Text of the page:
Staunton, August 17 – Having failed to accomplish a great deal during his presidency, Dmitry Medvedev has decided to show himself to the Russian people as “a man of action” and “a reformer” by taking on the corrupt Ministry of Internal Affairs (MVD), a throw of the dice on which his future is likely to depend, according to a leading Moscow commentator.
In an essay posted online today, Yevgeny Gontmakher, the often controversial senior scholar at the Institute of Contemporary Development, argues that Medvedev either wants to have this reform serve as his legacy or more likely become the basis of a campaign for his re-election. There is, the commentator suggests, no “third” explanation.
Gontmakher begins his article by suggesting that the reform of the militia is something many people have seen as necessary for some time. The MVD has not been able to protect the citizens from crime, “people are dissatisfied,” and “trust in the militia doesn’t in practice exist”
Moreover, he points out, “one needs to pay attention to the fact that in recent times, [Russia’s] mass media, including the official, have published [stories]” showing the militia and its officers in the worst possible light, guilty of crimes against the population that they are supposed to be protecting.
Indeed, Gontmakher continues, it appears that the mass media has been exacerbating the negative feelings Russians have about the media,” a pattern that is “not accidental” but rather is the result of the Kremlin’s own calculations about what it would need to do in order to generate support for the reform it wants.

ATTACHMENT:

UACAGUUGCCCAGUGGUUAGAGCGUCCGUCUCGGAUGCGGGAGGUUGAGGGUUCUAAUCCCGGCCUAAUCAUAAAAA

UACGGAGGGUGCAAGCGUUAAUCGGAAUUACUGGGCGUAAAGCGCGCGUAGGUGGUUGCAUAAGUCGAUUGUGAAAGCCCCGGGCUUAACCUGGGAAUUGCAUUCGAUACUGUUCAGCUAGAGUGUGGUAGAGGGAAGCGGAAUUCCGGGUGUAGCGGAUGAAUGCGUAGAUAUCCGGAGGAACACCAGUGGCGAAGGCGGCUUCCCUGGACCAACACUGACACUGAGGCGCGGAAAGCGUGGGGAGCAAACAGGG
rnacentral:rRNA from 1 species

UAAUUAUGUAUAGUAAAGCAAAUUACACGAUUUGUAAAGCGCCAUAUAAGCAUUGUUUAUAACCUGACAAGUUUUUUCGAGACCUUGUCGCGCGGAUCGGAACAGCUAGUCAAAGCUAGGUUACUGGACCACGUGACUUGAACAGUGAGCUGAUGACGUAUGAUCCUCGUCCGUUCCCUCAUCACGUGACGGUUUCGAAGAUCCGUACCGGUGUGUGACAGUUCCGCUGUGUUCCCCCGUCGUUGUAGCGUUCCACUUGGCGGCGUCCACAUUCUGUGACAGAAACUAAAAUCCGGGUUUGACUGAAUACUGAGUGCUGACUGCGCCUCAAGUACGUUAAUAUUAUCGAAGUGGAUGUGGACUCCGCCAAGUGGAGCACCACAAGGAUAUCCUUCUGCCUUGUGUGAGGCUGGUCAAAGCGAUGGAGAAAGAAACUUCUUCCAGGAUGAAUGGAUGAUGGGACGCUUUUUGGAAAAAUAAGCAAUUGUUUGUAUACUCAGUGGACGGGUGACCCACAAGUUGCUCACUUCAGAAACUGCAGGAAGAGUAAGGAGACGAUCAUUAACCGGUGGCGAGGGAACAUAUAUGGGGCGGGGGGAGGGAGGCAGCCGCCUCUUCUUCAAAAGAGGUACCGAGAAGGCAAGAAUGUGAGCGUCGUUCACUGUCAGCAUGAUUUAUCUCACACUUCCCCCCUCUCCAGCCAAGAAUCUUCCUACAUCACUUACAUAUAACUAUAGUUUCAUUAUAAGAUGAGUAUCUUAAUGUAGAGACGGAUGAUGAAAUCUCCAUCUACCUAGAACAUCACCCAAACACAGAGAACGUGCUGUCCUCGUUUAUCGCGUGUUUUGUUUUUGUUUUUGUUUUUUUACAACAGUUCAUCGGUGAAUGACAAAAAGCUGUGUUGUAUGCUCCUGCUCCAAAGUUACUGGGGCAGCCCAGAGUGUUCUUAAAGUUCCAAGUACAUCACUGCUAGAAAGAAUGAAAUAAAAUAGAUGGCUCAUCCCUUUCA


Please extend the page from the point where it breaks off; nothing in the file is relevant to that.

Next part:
Last spring, the analyst notes, “Medvedev published a corresponding decree about the necessity of reforming the MVD.” In that measure, however, there was not mention of renaming the militia the police or of more general reforms. Instead, his decree called for the reduction in the number of militiamen, something many viewed as a surrogate for real reform.
Gontmakher says that he “thinks” that [the new draft law that the Kremlin has put forward that calls among other things for renaming the militia the police] was not written in the Ministry of Internal Affairs” but rather was “the personal initiative of Medvedev” and was developed by the Main State Legal Administration of the Presidential Administration.
In the new measure, he continues, “Medvedev proposed two extremely unpopular things renaming the militia the police which most Russians oppose, and making the law effective as of January 1, 2011, a very short time from now, especially given that the measure itself has not yet been passed into law.
Many questions are open, Gontmakher says, and they are hardly likely all to be answered as the measure is pushed through the Duma and Federation Council over the next two to three months. And such haste, the commentator says, “is connected with [Medvedev’s] political calculations.”
According to Gontmakher, Medvedev can have only one of two reasons for taking this step. Either he wants to leave office with a legacy of being someone who could accomplish something serious rather than just giving good speeches and who believes that the MVD is the place to show that.
Or the incumbent president is planning to run for a second term and wants to use this measure to start his campaign. If the latter, this focus on the MVD, a notoriously corrupt and very complex institution, and the demand for incredible speed in introducing reforms makes it “a very risky” move.
Medvedev has clearly thrown the dice over his reputation with this measure, but because he has done it in the way that he has, he has wittingly or not invited those opposed to what he has been saying to block or water down what he seeks. And consequently, the struggle over the “police law” as many Russians call it is about far more than the militia.